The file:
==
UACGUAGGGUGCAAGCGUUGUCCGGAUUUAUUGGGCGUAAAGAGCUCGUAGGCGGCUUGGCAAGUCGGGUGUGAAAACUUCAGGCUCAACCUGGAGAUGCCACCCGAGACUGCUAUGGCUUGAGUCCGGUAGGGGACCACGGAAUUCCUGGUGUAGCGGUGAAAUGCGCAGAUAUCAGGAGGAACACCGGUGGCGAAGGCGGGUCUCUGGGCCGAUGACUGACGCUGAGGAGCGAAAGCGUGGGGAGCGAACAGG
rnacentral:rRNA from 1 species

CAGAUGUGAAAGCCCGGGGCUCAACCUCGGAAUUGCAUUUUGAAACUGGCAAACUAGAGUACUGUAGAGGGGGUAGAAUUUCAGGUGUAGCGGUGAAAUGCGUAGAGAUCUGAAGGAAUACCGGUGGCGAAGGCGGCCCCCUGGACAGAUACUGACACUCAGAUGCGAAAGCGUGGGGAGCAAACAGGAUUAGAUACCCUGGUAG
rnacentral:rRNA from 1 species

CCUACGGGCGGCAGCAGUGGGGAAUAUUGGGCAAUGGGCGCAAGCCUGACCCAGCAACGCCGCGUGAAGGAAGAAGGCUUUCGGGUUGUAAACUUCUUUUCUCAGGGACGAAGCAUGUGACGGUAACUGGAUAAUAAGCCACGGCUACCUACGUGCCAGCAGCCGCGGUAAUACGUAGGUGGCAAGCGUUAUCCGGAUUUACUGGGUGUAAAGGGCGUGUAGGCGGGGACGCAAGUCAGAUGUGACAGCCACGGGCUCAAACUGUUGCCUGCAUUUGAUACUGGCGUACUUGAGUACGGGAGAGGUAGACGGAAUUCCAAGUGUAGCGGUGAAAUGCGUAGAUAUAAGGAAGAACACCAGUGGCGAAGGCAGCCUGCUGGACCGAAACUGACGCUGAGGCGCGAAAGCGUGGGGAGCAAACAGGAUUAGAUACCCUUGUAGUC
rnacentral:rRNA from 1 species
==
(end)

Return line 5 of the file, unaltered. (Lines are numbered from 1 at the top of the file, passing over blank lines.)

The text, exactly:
CCUACGGGCGGCAGCAGUGGGGAAUAUUGGGCAAUGGGCGCAAGCCUGACCCAGCAACGCCGCGUGAAGGAAGAAGGCUUUCGGGUUGUAAACUUCUUUUCUCAGGGACGAAGCAUGUGACGGUAACUGGAUAAUAAGCCACGGCUACCUACGUGCCAGCAGCCGCGGUAAUACGUAGGUGGCAAGCGUUAUCCGGAUUUACUGGGUGUAAAGGGCGUGUAGGCGGGGACGCAAGUCAGAUGUGACAGCCACGGGCUCAAACUGUUGCCUGCAUUUGAUACUGGCGUACUUGAGUACGGGAGAGGUAGACGGAAUUCCAAGUGUAGCGGUGAAAUGCGUAGAUAUAAGGAAGAACACCAGUGGCGAAGGCAGCCUGCUGGACCGAAACUGACGCUGAGGCGCGAAAGCGUGGGGAGCAAACAGGAUUAGAUACCCUUGUAGUC